The Problem with Teaching History

I continue to be and will always be a great fan of James Loewen; I think he gets it too. I am often troubled by the history buff notion. Too many people who see the teaching, reading, writing, and learning of history as static; it should not change since there is only one voice. But for those of us who get it, we know that the dynamics of this great field of study is indeed organic. I am not a history buff; I live it through my constant and relentless approach to reading, writing, and teaching about it. In the book Lies My Teacher Told Me, Loewen notes:

Loewen’s critique, which centers on the lack of student engagement with historical controversy, the absence of analysis and interpretation, the “heroification” of our nation’s historical figures, and the subordination of cause and effect to the memorization of disconnected factoids, is a charge that reaches far down into the wellspring of current educational practice in the United States. And, for those of us who practice our craft in social studies classrooms across the nation, it stings.In fact, the education establishment has had a long and profound romance with the ubiquitous textbook. Textbooks have provided an inexpensive, standardized and structured foundation for schooling since the Reformation.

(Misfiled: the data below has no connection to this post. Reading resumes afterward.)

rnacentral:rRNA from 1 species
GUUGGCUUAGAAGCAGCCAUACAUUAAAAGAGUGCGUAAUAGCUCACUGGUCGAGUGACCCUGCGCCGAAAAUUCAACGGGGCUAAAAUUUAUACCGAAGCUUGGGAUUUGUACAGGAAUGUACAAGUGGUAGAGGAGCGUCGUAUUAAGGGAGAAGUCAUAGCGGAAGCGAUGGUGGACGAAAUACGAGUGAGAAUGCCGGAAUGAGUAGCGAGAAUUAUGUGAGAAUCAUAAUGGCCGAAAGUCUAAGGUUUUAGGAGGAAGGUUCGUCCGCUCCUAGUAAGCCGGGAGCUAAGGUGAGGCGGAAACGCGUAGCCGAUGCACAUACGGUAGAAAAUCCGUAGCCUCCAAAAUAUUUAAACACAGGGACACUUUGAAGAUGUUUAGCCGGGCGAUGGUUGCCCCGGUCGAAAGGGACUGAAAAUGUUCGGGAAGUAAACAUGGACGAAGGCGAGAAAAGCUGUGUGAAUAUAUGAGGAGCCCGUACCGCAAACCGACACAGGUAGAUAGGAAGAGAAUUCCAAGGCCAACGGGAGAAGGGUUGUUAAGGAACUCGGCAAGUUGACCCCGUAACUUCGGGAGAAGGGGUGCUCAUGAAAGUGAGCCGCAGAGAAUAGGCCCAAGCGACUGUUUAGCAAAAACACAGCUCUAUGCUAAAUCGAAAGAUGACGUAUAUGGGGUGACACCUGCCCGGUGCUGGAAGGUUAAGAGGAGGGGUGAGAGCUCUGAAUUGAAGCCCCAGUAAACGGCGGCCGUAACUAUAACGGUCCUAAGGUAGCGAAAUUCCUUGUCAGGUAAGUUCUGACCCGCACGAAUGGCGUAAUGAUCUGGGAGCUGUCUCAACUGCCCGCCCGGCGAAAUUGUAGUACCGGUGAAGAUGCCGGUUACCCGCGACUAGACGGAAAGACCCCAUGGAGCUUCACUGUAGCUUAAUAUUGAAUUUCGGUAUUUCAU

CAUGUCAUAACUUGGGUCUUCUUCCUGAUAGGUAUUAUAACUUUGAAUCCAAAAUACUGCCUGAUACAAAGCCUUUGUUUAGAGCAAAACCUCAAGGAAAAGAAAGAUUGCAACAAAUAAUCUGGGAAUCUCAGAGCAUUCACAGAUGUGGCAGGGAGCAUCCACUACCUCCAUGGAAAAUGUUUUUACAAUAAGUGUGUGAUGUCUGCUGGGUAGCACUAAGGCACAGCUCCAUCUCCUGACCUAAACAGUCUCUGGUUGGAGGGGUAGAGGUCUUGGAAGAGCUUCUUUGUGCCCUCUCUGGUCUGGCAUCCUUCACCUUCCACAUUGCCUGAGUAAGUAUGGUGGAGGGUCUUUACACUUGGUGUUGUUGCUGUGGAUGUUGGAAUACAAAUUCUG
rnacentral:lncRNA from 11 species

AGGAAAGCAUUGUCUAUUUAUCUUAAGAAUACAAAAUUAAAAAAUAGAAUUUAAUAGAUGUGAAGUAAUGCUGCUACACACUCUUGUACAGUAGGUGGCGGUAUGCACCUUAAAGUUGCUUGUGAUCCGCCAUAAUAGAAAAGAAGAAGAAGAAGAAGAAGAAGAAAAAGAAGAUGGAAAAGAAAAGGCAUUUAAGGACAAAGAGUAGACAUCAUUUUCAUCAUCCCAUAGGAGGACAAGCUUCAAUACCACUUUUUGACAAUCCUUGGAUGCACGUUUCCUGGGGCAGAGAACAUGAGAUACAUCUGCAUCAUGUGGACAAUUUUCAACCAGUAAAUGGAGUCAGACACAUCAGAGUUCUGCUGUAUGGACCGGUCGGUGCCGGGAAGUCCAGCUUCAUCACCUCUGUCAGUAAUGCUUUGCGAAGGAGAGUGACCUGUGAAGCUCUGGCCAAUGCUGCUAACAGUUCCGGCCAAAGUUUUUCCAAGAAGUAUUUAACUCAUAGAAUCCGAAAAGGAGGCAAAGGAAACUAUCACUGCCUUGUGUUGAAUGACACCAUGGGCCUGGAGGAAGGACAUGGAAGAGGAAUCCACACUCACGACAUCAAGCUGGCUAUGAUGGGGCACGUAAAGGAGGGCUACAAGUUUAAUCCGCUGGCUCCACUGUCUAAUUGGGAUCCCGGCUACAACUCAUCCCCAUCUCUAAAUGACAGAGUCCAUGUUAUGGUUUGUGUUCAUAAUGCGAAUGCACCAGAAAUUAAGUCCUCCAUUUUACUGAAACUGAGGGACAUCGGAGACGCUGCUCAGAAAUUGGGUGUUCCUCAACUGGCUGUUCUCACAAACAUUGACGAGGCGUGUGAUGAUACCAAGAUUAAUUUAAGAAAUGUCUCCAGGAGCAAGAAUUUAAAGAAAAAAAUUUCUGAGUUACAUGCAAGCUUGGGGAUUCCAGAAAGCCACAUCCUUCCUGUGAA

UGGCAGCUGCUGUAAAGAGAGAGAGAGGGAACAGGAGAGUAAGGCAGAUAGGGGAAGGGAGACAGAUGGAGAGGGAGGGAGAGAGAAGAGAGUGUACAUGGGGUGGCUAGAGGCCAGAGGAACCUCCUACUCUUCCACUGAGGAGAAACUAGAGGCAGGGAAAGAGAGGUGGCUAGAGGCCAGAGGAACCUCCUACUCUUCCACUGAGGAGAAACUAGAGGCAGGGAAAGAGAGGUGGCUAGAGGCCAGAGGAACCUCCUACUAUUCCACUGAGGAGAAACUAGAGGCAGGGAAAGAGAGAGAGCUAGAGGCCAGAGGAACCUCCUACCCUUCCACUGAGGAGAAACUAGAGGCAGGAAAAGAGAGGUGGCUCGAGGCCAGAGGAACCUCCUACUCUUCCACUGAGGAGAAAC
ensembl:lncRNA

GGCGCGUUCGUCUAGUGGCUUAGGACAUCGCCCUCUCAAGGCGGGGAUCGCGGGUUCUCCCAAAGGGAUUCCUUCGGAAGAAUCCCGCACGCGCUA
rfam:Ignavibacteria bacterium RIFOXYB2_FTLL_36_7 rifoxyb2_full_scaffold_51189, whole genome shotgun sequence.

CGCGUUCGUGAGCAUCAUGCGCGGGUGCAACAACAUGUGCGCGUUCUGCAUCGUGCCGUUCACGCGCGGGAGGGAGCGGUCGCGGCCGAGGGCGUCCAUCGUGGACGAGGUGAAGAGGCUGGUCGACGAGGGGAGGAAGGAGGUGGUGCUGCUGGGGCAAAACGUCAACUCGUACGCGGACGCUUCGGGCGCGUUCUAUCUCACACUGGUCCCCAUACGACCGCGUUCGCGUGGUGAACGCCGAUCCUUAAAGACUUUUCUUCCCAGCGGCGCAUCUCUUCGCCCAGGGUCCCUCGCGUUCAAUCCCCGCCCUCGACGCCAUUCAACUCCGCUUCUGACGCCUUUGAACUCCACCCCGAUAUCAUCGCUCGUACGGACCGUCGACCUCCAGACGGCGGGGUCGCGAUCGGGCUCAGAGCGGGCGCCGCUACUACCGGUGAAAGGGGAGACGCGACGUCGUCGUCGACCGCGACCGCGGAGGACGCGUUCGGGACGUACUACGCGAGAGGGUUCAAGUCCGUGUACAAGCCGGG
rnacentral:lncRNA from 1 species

When students are questioned about their school experiences, they invariably cite history and social studies as among their least favorite classes. Social studies is generally perceived to be undemanding, uninteresting, and irrelevant. When they are asked to describe what it is that might make the discipline more interesting students tend to suggest that a greater variety in instructional methods (including simulations, role playing, group projects, etc.) less repetition, and greater relevance to student experience would improve their learning environment. Investigations by Loewen and others reveal that textbooks which burden students on the average, with huge (four and a half pounds), long-winded (888 pages on average) narrations, typically promoting 444 main ideas and 624 key terms and “countless other factoids”, provide the keystone that supports a very shaky structure. In their report on the first national assessment of history and literature in 1987 Diane Ravitch and Chester Finn, Jr., found that 59.6% of high school juniors used a textbook daily and that 71.4% of these students took a history test at least once a week.  Yet these high school juniors could respond correctly to only  54.5% of the questions on the national assessment. In summarizing their findings, Ravitch and Finn, Jr. write that, “In the eyes of the students, the typical history classroom is one in which they listen to the teacher explain the day’s lesson, use the textbook, and take tests…They seldom work with other students, use original documents, write term papers, or discuss the significance of what they are studying (Ravitch and Finn, Jr., 1987).” When the NAEP’s comprehensive American history test results were made public in 1990, it was clear that America’s history students were still achieving at a level of C- in history (Nash, et al, 1997). Small wonder high school students find little relevance in their study of history and continually rank social studies at or near the bottom of their list when it comes to school subjects (Schug, et al, 1984).